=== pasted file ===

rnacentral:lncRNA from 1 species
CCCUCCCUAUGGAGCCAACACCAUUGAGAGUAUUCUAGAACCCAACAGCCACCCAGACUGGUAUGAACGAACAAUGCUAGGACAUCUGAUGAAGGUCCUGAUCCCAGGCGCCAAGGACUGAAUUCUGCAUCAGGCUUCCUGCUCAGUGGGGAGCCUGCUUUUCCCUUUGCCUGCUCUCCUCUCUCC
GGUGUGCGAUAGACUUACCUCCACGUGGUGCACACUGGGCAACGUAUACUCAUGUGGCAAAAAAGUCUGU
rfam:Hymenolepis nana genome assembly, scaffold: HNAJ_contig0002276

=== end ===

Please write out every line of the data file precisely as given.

rnacentral:lncRNA from 1 species
CCCUCCCUAUGGAGCCAACACCAUUGAGAGUAUUCUAGAACCCAACAGCCACCCAGACUGGUAUGAACGAACAAUGCUAGGACAUCUGAUGAAGGUCCUGAUCCCAGGCGCCAAGGACUGAAUUCUGCAUCAGGCUUCCUGCUCAGUGGGGAGCCUGCUUUUCCCUUUGCCUGCUCUCCUCUCUCC
GGUGUGCGAUAGACUUACCUCCACGUGGUGCACACUGGGCAACGUAUACUCAUGUGGCAAAAAAGUCUGU
rfam:Hymenolepis nana genome assembly, scaffold: HNAJ_contig0002276